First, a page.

The conversations you need to have with your kids

“We expect our elementary-aged children to follow family rules, but teenagers are becoming more and more responsible for their own behavior,” she said. “It means having good conversations to help them become empowered about their use of technology.”

Brewer said humans behave differently in groups, and technology facilitates less inhibited communication, due to lack of eye contact, feelings of anonymity and detachment from reality.

She said the question of what technological boundaries should be in place depends on the ability of the young person – such as their impulsiveness and self-esteem – but parents also need to be able to hold difficult conversations, model effective communication and to demonstrate their own healthy use of technology. habits.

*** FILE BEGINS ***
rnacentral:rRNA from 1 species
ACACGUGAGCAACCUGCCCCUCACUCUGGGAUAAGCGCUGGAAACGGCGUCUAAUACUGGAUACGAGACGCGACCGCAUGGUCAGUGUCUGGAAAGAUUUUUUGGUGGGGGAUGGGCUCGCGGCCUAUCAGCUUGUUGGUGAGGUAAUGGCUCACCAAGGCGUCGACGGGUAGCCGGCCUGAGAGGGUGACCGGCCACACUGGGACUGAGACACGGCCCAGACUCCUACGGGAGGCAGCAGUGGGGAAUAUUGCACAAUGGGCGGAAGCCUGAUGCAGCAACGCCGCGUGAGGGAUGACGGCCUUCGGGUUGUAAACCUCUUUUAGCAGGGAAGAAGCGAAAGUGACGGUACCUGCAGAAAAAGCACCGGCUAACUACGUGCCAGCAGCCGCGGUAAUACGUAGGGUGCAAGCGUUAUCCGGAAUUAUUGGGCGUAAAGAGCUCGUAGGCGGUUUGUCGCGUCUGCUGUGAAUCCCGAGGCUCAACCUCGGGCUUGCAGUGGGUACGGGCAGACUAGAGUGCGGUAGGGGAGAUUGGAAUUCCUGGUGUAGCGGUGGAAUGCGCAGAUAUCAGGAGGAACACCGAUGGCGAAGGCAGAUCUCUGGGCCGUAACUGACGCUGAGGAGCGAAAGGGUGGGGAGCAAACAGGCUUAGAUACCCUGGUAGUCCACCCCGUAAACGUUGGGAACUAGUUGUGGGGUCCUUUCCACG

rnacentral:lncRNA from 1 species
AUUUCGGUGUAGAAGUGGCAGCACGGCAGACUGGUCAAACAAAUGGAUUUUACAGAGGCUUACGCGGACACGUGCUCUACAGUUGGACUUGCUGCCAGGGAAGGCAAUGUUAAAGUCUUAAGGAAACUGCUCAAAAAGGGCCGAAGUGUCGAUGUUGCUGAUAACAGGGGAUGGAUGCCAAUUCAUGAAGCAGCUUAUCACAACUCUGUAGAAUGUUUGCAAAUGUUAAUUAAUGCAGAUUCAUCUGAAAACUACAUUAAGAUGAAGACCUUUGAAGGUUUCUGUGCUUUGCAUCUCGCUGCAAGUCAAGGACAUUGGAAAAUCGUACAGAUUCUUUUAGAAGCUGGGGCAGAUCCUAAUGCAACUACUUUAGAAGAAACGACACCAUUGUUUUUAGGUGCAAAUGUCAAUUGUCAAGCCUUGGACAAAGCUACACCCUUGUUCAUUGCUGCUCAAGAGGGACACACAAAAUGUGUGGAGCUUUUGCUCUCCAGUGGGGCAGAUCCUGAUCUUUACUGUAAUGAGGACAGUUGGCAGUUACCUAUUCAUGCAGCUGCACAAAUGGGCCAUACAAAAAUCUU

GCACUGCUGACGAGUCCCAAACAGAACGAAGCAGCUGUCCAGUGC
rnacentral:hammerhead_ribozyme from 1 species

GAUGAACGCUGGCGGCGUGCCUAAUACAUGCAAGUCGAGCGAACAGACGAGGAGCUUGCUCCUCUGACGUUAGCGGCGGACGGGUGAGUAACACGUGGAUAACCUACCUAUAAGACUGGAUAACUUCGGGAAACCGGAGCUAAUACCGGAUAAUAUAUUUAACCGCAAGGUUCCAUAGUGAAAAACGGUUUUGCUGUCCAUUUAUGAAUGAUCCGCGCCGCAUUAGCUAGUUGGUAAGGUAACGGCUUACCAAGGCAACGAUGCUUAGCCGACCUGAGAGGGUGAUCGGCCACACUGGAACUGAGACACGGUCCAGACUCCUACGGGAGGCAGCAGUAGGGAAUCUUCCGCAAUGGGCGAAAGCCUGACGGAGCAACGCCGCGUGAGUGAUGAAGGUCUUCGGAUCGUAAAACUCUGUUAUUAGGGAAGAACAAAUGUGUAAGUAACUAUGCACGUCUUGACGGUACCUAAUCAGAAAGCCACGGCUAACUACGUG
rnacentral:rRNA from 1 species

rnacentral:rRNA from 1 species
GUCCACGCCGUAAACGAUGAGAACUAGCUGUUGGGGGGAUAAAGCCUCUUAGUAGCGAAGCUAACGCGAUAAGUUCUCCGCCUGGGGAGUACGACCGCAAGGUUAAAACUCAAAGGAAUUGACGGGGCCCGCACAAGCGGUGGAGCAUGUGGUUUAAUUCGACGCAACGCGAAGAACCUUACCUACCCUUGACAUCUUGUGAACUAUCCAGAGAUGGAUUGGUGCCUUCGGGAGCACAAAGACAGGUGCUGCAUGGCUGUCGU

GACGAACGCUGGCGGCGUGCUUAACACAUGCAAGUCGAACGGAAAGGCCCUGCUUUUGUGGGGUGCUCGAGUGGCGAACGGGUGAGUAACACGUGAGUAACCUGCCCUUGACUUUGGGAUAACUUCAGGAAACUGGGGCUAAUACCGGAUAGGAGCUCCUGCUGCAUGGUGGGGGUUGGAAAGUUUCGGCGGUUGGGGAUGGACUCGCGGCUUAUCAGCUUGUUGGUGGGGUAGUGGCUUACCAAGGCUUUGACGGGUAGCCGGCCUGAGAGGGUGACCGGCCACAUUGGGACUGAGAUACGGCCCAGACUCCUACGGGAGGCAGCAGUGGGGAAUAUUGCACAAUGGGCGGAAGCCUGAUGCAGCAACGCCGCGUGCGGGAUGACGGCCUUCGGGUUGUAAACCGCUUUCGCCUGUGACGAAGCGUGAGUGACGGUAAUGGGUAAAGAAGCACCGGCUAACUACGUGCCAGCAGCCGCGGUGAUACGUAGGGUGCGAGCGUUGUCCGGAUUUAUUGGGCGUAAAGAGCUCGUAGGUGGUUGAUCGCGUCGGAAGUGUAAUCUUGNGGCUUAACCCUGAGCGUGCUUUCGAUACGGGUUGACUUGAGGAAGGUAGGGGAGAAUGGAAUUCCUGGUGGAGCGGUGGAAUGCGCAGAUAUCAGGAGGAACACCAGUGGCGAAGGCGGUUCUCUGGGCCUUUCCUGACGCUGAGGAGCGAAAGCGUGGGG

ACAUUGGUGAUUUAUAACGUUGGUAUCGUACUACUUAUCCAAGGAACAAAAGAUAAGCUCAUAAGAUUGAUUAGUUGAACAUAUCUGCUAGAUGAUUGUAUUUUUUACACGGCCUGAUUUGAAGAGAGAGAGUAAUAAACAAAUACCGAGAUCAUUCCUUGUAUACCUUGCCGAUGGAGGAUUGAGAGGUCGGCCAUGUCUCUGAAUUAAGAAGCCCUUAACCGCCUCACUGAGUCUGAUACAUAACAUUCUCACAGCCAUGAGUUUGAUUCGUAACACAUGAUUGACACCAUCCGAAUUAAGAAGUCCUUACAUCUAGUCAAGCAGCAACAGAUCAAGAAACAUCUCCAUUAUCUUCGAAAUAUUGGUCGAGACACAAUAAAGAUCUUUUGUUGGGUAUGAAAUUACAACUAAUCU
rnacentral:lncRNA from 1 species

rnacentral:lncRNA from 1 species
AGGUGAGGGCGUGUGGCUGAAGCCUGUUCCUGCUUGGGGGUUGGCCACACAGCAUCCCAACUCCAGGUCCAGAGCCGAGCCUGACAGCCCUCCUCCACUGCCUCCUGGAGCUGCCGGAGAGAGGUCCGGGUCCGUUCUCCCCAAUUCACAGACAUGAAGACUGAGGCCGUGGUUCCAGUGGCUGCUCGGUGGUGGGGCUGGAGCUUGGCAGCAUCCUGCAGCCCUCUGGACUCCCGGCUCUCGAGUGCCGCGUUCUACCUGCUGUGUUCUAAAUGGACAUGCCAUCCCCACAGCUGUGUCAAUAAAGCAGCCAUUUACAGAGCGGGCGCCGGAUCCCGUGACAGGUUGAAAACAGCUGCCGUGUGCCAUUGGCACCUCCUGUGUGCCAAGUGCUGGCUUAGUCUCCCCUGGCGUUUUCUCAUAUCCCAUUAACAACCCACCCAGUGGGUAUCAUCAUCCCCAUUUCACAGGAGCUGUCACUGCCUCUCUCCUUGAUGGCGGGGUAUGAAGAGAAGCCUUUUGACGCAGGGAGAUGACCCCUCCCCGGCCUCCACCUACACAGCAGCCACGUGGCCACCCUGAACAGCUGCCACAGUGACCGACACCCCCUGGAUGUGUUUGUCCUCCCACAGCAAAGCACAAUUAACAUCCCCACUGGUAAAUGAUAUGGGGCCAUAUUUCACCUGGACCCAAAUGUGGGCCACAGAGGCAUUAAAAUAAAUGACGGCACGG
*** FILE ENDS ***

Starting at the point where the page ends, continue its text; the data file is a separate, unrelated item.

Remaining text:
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Brewer suggested that parents could use an approach similar to a driver’s license system, where there is a clear progression from rear-seat driver to learners to provisional red, then provisional green to full licence, and ways to remove the privileges if the rules are not followed.

When parents discover that their children are involved in this behavior, the two experts said it is better to be transparent and open with the school, which would have established procedures.

Brewer added that the eSafety office has toolkits on best practices for how to respond, when sometimes the child, whether victim or abuser, may need a psychologist to help them cope. to fallout.

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